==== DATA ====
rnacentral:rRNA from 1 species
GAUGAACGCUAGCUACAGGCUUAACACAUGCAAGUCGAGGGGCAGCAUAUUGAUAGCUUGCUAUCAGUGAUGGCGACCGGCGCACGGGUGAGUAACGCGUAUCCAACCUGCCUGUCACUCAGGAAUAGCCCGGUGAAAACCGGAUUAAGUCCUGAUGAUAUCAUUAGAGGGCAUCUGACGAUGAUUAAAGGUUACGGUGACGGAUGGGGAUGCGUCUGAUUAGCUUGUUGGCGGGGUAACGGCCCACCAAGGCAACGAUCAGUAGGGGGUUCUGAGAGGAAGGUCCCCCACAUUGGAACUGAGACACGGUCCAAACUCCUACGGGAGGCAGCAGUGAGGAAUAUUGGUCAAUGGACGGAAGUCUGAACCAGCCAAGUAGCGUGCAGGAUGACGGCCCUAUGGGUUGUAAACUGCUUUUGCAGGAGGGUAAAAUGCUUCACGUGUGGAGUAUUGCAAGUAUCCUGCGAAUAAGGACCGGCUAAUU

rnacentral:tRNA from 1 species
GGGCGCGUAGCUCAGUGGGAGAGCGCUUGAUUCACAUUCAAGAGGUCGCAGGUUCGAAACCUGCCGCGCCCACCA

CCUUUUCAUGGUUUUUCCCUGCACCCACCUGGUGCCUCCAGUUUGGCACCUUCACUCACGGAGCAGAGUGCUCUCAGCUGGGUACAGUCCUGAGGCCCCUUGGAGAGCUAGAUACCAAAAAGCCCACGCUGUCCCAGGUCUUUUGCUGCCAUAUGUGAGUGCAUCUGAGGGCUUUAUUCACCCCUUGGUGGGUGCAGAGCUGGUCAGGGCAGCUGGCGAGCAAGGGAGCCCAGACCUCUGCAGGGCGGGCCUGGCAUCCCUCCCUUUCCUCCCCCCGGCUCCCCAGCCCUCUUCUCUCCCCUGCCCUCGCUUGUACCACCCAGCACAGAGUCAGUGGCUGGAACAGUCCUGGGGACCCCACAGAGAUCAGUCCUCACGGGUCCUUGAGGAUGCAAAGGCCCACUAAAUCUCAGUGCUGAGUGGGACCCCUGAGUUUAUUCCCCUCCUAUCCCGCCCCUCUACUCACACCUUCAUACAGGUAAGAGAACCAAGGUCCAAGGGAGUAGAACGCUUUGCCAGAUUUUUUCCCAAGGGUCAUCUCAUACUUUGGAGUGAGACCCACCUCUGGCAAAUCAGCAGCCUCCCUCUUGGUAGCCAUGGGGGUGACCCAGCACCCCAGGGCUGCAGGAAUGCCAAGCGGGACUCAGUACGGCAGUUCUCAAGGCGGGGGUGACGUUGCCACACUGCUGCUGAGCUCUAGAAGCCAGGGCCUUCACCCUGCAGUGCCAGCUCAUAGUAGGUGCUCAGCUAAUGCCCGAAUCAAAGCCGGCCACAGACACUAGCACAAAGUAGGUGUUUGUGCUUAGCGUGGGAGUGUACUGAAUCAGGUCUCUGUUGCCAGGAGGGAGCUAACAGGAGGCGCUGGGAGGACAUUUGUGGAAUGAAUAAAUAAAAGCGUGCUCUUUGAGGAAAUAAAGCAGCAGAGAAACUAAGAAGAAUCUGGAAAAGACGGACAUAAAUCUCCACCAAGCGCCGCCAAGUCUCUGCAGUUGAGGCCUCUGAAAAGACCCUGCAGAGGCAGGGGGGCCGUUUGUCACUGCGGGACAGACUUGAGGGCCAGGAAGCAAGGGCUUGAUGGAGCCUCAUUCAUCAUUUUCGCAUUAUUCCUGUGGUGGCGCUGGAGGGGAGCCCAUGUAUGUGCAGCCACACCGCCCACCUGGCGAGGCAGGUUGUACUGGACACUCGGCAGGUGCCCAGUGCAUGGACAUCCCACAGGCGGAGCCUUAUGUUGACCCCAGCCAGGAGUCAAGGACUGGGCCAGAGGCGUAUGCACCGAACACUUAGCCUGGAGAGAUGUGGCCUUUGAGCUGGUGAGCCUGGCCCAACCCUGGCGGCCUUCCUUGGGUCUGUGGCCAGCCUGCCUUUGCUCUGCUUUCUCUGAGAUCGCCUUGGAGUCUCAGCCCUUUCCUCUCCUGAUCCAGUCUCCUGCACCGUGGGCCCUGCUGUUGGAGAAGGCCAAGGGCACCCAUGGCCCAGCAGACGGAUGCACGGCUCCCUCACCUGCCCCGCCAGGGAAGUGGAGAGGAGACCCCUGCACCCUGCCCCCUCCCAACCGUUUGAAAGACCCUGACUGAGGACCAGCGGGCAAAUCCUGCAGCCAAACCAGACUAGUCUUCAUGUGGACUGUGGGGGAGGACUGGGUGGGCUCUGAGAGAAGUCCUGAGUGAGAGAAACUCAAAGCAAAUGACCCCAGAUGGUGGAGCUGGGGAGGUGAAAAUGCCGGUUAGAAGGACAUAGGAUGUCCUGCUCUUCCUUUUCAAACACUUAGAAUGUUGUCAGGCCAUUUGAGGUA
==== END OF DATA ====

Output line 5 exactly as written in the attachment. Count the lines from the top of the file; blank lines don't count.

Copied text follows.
CCUUUUCAUGGUUUUUCCCUGCACCCACCUGGUGCCUCCAGUUUGGCACCUUCACUCACGGAGCAGAGUGCUCUCAGCUGGGUACAGUCCUGAGGCCCCUUGGAGAGCUAGAUACCAAAAAGCCCACGCUGUCCCAGGUCUUUUGCUGCCAUAUGUGAGUGCAUCUGAGGGCUUUAUUCACCCCUUGGUGGGUGCAGAGCUGGUCAGGGCAGCUGGCGAGCAAGGGAGCCCAGACCUCUGCAGGGCGGGCCUGGCAUCCCUCCCUUUCCUCCCCCCGGCUCCCCAGCCCUCUUCUCUCCCCUGCCCUCGCUUGUACCACCCAGCACAGAGUCAGUGGCUGGAACAGUCCUGGGGACCCCACAGAGAUCAGUCCUCACGGGUCCUUGAGGAUGCAAAGGCCCACUAAAUCUCAGUGCUGAGUGGGACCCCUGAGUUUAUUCCCCUCCUAUCCCGCCCCUCUACUCACACCUUCAUACAGGUAAGAGAACCAAGGUCCAAGGGAGUAGAACGCUUUGCCAGAUUUUUUCCCAAGGGUCAUCUCAUACUUUGGAGUGAGACCCACCUCUGGCAAAUCAGCAGCCUCCCUCUUGGUAGCCAUGGGGGUGACCCAGCACCCCAGGGCUGCAGGAAUGCCAAGCGGGACUCAGUACGGCAGUUCUCAAGGCGGGGGUGACGUUGCCACACUGCUGCUGAGCUCUAGAAGCCAGGGCCUUCACCCUGCAGUGCCAGCUCAUAGUAGGUGCUCAGCUAAUGCCCGAAUCAAAGCCGGCCACAGACACUAGCACAAAGUAGGUGUUUGUGCUUAGCGUGGGAGUGUACUGAAUCAGGUCUCUGUUGCCAGGAGGGAGCUAACAGGAGGCGCUGGGAGGACAUUUGUGGAAUGAAUAAAUAAAAGCGUGCUCUUUGAGGAAAUAAAGCAGCAGAGAAACUAAGAAGAAUCUGGAAAAGACGGACAUAAAUCUCCACCAAGCGCCGCCAAGUCUCUGCAGUUGAGGCCUCUGAAAAGACCCUGCAGAGGCAGGGGGGCCGUUUGUCACUGCGGGACAGACUUGAGGGCCAGGAAGCAAGGGCUUGAUGGAGCCUCAUUCAUCAUUUUCGCAUUAUUCCUGUGGUGGCGCUGGAGGGGAGCCCAUGUAUGUGCAGCCACACCGCCCACCUGGCGAGGCAGGUUGUACUGGACACUCGGCAGGUGCCCAGUGCAUGGACAUCCCACAGGCGGAGCCUUAUGUUGACCCCAGCCAGGAGUCAAGGACUGGGCCAGAGGCGUAUGCACCGAACACUUAGCCUGGAGAGAUGUGGCCUUUGAGCUGGUGAGCCUGGCCCAACCCUGGCGGCCUUCCUUGGGUCUGUGGCCAGCCUGCCUUUGCUCUGCUUUCUCUGAGAUCGCCUUGGAGUCUCAGCCCUUUCCUCUCCUGAUCCAGUCUCCUGCACCGUGGGCCCUGCUGUUGGAGAAGGCCAAGGGCACCCAUGGCCCAGCAGACGGAUGCACGGCUCCCUCACCUGCCCCGCCAGGGAAGUGGAGAGGAGACCCCUGCACCCUGCCCCCUCCCAACCGUUUGAAAGACCCUGACUGAGGACCAGCGGGCAAAUCCUGCAGCCAAACCAGACUAGUCUUCAUGUGGACUGUGGGGGAGGACUGGGUGGGCUCUGAGAGAAGUCCUGAGUGAGAGAAACUCAAAGCAAAUGACCCCAGAUGGUGGAGCUGGGGAGGUGAAAAUGCCGGUUAGAAGGACAUAGGAUGUCCUGCUCUUCCUUUUCAAACACUUAGAAUGUUGUCAGGCCAUUUGAGGUA